Poverty, Disability and Social Exclusion

Photo credits: The man and the sea. Pepito Frias Photo, 2003.

by: Dr. Victor Santiago Pineda

Over the past 30 years, studies conducted in various countries, such as Japan, Lebanon, Jordan, India, South Africa, among others have shown that stigma and prejudice is often the result of a lack of knowledge of and awareness about people with disability which exists at all levels—from the family to the community to decision makers at the highest levels. Such stigma and prejudice leads to social marginalization and lack of equal access to educational, employment and social support mechanisms that result in profound poverty for millions of persons with disabilities. The interconnection between disability, social exclusion and poverty has been described by the World Bank as a “vicious cycle” with “disability being both a cause and a consequence of poverty”.

While not all individuals who are born with disability or become disabled are poor, the poor are more likely to become disabled due to poor nutrition, lack of medical care, dangerous housing conditions, injuries on the job and violence. And once disabled, such individuals are significantly less likely to receive the education or training needed to find employment, or have equal access to the social networks, community resources or economic and legal support systems that would buffer the impacts of poverty. A growing body of studies shows that the links between disability and poverty, while still poorly understood, are more complex and nuanced than previously thought. James Wolfenson, the former President of the World Bank said, “By including disabled people in development, the Bank will, over the longer term, reduce the economic costs associated with disability within societies and, as a result, reduce poverty across the world.” Efforts currently underway at the World Bank aim to ensure that people with disabilities in a given community benefit from development programs on an equal basis with their non-disabled.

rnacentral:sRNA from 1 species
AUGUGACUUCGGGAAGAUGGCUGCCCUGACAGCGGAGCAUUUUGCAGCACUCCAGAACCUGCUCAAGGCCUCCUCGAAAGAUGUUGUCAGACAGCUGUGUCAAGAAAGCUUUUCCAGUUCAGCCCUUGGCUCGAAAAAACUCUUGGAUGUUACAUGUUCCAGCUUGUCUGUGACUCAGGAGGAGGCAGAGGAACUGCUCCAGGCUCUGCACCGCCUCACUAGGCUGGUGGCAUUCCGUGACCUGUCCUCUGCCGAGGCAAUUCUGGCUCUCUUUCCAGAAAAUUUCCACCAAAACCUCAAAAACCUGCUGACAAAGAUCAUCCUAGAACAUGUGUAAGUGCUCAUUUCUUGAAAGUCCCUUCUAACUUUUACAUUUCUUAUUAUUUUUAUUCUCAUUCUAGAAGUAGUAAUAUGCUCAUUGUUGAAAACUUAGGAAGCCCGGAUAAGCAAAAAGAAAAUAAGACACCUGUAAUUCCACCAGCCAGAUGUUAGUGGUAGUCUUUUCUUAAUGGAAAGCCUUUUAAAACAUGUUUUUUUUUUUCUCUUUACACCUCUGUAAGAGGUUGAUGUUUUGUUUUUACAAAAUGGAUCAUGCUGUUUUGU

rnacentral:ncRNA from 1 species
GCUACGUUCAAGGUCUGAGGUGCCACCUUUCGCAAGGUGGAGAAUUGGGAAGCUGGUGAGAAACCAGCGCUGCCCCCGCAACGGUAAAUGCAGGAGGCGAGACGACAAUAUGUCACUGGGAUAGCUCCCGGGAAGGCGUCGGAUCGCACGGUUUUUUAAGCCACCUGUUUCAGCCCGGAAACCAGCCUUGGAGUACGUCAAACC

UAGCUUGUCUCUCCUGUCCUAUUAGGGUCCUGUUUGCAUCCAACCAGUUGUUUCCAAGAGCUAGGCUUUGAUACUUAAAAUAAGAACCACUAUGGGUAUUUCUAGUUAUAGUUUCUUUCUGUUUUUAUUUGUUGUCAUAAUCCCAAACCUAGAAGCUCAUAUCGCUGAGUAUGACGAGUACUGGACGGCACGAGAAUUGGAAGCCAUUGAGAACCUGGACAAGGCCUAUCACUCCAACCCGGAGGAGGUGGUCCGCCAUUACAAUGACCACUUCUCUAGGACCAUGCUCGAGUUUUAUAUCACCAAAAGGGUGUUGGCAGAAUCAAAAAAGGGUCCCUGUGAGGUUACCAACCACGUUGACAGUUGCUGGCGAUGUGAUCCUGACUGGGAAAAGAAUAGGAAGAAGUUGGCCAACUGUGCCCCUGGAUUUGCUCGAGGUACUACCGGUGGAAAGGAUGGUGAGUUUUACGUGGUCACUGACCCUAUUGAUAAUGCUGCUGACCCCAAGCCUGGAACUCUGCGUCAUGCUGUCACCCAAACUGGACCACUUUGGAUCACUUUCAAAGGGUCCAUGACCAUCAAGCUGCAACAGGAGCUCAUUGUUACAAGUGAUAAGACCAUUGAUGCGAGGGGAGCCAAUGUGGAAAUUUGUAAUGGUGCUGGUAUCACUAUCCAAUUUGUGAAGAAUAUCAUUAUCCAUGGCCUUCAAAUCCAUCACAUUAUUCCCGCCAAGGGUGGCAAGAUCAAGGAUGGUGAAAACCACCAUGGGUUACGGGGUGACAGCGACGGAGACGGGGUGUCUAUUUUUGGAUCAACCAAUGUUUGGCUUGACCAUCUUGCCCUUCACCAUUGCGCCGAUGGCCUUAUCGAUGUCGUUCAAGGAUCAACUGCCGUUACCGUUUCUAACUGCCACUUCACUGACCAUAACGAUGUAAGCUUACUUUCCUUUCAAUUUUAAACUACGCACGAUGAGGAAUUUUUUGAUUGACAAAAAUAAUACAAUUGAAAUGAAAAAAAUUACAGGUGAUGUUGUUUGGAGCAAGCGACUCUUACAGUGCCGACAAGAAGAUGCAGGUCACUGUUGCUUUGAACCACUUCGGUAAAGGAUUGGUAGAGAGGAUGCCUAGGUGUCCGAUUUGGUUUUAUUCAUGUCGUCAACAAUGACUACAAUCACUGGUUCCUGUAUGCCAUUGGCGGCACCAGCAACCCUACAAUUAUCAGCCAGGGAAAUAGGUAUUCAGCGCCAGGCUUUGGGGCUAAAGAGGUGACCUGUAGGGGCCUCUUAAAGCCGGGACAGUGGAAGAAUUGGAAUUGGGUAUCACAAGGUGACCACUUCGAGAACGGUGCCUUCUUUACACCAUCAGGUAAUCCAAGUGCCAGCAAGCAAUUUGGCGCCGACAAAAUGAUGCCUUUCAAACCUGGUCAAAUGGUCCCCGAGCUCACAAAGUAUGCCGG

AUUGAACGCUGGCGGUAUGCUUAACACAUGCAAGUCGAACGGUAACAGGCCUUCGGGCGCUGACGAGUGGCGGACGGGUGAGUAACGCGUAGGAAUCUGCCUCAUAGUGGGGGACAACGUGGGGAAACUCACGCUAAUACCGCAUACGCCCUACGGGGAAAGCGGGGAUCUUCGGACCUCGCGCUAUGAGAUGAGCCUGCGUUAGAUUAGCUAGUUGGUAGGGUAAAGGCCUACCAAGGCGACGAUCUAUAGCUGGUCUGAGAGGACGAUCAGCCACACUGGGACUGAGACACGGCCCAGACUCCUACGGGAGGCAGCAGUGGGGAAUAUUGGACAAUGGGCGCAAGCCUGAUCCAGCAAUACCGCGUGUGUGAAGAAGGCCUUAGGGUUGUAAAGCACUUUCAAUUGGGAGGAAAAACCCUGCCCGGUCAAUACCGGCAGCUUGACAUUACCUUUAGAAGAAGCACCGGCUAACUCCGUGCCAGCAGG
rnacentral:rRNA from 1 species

Source: United Nations. Disability and the Millennium Development Goals A Review of the MDG Process and Strategies for Inclusion of Disability Issues in Millennium Development Goal Efforts. New York: United Nations Department of Economic and Social Affairs, 2011. http://www.un.org/disabilities/documents/review_of_disability_and_the_mdgs.pdf.

Photo credits: The man and the sea. Pepito Frias Photo, 2003

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